This blog is a layman's view of what's wrong with the world economy and, perhaps, how to correct them. Included in this blog will be renewables, green, sustainability and other such topics.
I hope some of these will be "good news".
From The Guardian - http://www.guardian.co.uk/business/2013/feb/09/british-sugar-giant-tax-scandal
One of Britain's biggest multinationals, whose brands include Silver Spoon sugar, Twinings Tea and Kingsmill bread, is avoiding paying millions of pounds of tax in an African state blighted by malnutrition, a year-long investigation revealed on Sunday.
The Zambian sugar-producing subsidiary of Associated British Foods, a FTSE100 company, contributed virtually no corporation tax to the state's exchequer between 2007 and 2012, and none at all for two of those years.
The firm, Zambia Sugar, has recently posted record pre-tax profits and its huge plantation is increasing its capacity to produce more sugar for markets in Europe and Africa. Yet it paid less than 0.5% of its $123m pre-tax profits in corporation tax between 2007 and 2012.
The company benefits from generous capital allowance and tax-relief schemes in Zambia, but the investigation also found that it funnels around a third of its pre-tax profits to sister companies in tax havens, including Ireland, Mauritius and the Netherlands. Tax treaties between Zambia and some of those countries mean the state's revenue authorities are unable to charge their normal tax on money leaving their shores.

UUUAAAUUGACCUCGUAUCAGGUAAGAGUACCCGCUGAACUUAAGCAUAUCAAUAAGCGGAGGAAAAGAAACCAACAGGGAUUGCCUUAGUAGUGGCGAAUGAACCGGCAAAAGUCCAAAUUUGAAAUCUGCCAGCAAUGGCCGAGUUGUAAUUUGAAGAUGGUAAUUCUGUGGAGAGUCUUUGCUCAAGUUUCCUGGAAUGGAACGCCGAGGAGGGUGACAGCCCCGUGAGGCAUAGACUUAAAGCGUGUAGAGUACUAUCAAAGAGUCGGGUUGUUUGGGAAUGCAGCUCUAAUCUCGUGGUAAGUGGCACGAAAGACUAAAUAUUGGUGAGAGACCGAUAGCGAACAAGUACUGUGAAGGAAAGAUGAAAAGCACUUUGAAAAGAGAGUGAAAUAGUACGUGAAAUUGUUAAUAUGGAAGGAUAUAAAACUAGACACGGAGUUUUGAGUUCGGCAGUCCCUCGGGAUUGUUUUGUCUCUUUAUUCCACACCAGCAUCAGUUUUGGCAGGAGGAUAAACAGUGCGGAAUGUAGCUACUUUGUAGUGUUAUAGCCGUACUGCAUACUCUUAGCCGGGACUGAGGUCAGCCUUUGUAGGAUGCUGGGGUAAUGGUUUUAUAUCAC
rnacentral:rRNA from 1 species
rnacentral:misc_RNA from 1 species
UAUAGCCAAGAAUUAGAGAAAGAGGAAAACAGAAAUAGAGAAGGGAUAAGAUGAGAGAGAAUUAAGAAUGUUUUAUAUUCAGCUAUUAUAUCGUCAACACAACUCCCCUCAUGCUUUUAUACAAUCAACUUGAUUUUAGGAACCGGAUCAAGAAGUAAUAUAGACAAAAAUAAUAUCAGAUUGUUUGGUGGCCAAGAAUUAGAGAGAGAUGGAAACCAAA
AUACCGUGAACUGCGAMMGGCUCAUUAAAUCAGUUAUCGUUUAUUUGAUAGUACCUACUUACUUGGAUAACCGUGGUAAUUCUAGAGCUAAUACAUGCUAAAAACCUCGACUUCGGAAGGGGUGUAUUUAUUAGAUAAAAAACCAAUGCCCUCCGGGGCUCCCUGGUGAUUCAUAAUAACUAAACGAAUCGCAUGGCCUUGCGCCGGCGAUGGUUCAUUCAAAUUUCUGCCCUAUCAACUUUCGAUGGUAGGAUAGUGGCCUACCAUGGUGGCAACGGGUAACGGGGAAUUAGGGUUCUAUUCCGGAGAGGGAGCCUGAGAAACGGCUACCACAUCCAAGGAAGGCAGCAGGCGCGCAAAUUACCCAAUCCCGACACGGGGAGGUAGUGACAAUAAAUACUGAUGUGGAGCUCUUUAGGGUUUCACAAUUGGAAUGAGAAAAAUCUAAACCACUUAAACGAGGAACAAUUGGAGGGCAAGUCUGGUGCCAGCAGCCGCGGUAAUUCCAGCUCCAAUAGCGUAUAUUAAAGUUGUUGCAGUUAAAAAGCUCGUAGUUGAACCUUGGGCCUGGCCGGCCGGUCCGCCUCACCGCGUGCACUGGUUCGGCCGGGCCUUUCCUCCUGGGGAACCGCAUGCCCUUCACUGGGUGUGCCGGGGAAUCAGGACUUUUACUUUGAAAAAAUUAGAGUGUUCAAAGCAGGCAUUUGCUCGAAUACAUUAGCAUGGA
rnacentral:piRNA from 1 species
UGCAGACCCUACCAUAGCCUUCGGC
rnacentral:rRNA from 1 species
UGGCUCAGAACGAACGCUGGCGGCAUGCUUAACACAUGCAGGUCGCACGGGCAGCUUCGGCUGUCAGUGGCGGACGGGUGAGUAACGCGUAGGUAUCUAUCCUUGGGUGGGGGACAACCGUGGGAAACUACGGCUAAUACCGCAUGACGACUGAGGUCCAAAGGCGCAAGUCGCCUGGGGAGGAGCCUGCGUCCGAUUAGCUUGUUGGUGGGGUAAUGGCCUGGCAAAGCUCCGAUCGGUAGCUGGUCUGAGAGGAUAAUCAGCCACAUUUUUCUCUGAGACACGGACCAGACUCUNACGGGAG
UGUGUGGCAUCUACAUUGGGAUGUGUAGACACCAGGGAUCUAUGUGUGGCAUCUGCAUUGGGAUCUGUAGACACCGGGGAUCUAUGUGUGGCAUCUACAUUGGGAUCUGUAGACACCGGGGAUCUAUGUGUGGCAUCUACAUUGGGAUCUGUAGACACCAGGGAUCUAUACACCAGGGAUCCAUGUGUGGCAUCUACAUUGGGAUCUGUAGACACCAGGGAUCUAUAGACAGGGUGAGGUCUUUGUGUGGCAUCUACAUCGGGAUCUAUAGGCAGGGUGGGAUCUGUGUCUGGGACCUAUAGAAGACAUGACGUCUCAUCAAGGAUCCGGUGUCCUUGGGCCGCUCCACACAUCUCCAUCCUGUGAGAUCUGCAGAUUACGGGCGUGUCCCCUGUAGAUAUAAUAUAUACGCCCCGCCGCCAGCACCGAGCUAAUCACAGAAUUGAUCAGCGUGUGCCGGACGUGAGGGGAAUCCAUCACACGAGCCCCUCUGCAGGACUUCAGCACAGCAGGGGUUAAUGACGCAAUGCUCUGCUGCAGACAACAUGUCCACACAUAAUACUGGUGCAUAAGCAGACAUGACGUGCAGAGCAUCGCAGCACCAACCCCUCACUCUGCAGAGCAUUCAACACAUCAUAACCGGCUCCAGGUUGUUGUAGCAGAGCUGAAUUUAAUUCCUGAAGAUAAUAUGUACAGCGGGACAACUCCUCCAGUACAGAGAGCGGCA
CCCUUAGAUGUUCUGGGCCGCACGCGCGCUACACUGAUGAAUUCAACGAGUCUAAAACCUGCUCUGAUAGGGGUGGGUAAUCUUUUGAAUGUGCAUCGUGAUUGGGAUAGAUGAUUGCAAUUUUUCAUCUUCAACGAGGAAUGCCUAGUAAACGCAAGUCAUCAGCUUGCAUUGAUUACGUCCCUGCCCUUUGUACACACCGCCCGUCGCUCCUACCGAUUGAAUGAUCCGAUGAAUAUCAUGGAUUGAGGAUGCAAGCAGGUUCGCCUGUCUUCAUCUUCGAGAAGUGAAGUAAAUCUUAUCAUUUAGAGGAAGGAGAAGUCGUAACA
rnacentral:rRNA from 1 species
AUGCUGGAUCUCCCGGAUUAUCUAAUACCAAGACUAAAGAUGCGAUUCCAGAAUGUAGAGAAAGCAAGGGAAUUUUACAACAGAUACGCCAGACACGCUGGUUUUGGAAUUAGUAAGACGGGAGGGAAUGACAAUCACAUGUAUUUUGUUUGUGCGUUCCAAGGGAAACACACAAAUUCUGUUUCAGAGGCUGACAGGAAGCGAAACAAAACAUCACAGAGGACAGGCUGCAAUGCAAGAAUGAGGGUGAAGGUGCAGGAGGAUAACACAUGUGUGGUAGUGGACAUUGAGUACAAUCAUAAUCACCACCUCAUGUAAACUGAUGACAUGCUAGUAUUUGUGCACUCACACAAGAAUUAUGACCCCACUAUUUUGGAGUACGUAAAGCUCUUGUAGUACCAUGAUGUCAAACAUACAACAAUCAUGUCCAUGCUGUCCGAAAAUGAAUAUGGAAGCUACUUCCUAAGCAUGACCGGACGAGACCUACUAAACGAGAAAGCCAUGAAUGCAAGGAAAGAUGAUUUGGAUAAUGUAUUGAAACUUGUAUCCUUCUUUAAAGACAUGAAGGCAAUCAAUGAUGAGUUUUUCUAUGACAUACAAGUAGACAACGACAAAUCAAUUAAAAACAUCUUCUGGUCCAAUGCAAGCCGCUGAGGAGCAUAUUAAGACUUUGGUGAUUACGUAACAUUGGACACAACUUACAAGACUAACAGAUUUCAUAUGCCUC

The revelations are contained in a report published by ActionAid, which exposes how Zambia Sugar has kept its contribution to the state's exchequer so low, although the company says that globally it actually pays a higher rate of tax on its profits than it otherwise would due to its corporate structure.
It is estimated that the tax haven transactions of this one British headquartered multinational deprived Zambia of a sum 14 times larger than the UK aid provided to the country to combat hunger and food insecurity.
ActionAid's findings will heap more pressure on the chancellor, George Osborne, to make progress in closing gaps in international tax standards and tackling avoidance at the G20 meeting of world leaders this week and the G8 in June.